I’m going to try and wake up early and be productive tomorrow despite my desires to lie in.
Embrace discomfort….while drinking responsibly….unless there’s comedy value.
I have been watching this awesome show on Netflix. I would highly recommend it:
Art is subjective. But to my mind, as an artist the price you place on a piece of art is reliant on three major drivers – marketing, reputation and purpose.
Marketing – this boils down to the things that can be defined and measured and tracked. Who is the piece of art aimed at? What is the minimum viable audience? Who is expecting your message as something anticipated, personal and relevant? The clearer this is in your head as an artist, the easier it is to price your work.
Reputation – this is linked to perseverance and track record. The idea of showing up and consistently shipping what you say you will ship is important when you need to put a price on your work. With each promise you keep, your reputation is solidified and this gains you a most valuable form of currency in the internet age – attention. Wit attention comes pricing power.
Purpose – Are you trying to change the culture, and by how much? A couple of examples run through my head:
- Your purpose may be not ambitious enough – As an artist, you are well known as a ‘reproducer of the masters’. All you ever do with your art skills is reproduce Van Gogh paintings for tourists to buy as cheap mementos. In order to remain relevant to your chosen market (and it is a choice) you have to keep on churning out the sunflowers and keep the pricing at a level defined by the going rate for copies of others’ paintings. It’s not changing the culture, it might make you a living, but the prices remain low and the labor required very high. In essence you are a factory selling a commodity.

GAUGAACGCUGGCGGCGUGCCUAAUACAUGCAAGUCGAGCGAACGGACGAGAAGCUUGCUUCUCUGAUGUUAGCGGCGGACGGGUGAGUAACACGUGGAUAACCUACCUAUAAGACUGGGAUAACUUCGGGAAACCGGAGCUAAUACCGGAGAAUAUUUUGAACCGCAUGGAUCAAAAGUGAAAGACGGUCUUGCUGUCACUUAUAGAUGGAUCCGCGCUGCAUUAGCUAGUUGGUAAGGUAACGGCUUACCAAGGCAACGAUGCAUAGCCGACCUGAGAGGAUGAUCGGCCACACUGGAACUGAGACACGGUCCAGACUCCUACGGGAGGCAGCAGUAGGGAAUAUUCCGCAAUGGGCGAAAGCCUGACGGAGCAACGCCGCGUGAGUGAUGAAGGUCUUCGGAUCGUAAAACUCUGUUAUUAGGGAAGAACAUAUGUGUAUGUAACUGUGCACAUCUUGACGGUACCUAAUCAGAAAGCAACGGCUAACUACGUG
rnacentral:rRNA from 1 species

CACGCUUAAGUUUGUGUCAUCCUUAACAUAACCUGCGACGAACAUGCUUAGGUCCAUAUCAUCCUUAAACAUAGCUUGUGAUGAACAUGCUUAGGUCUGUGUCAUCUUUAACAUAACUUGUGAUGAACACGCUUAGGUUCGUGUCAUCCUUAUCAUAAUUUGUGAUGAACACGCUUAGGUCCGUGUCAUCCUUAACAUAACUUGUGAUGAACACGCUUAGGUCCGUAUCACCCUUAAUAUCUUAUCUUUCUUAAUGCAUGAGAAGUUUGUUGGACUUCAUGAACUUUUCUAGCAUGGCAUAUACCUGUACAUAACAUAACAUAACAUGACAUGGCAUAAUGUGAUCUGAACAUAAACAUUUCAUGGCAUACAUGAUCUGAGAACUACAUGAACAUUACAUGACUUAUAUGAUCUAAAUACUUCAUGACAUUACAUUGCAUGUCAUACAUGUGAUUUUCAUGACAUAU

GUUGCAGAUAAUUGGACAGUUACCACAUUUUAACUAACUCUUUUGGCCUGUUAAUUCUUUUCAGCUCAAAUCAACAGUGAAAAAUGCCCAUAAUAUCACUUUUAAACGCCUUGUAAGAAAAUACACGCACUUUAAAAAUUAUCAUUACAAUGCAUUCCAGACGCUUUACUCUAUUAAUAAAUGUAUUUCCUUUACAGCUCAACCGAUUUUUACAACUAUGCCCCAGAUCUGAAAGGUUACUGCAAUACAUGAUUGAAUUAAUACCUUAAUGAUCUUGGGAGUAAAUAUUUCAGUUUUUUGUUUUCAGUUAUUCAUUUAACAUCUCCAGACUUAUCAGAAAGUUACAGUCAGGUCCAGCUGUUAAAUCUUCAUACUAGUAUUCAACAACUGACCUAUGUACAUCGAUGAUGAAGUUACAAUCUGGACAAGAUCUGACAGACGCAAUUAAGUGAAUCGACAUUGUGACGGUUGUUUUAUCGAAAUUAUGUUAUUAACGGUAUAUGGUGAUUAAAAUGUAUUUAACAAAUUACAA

- Your purpose may be too ambitious – a performance artist wants to rid the world of human trafficking through the clarity and poignancy of her message. Dancing and reciting her viscous poetry on the street corner, she ends up shouting at passers by who do not give her much attention or currency. Her stated purpose was too broad and difficult to achieve. Her market is not refined enough. Her price bottoms out.
What makes you pay a particular price for art?
Daily life can most often be distilled down to a single question: should I keep this alive?
Whether it is a pet fish, a job, a relationship, a website: burn the dead wood.
And possibly the goldfish??
Happy Tuesday chimps.
Recover from that setback, that fall from grace, that injury.
Given that entropy rules, and the world naturally falls apart, recovery is perhaps the most important thing we can strive for. The only thing to strive for. Recovery from whatever is wearing you down – be it lack of sleep, lack of money, lack of fitness – this is really all we have.
In the road to recovery you are either getting better, or you are getting worse. There is no steady state. Time marches on and age is a bitch. But free will allows you to fight back and recovery time after time. So recover. Do it for yourself and do it every second of every day. If you stop trying, then you lose.
You’ll still lose eventually. But recovery from all the bumps along the way is where potential is met and where the great moments are found.
Pull it back, until the next bump comes along.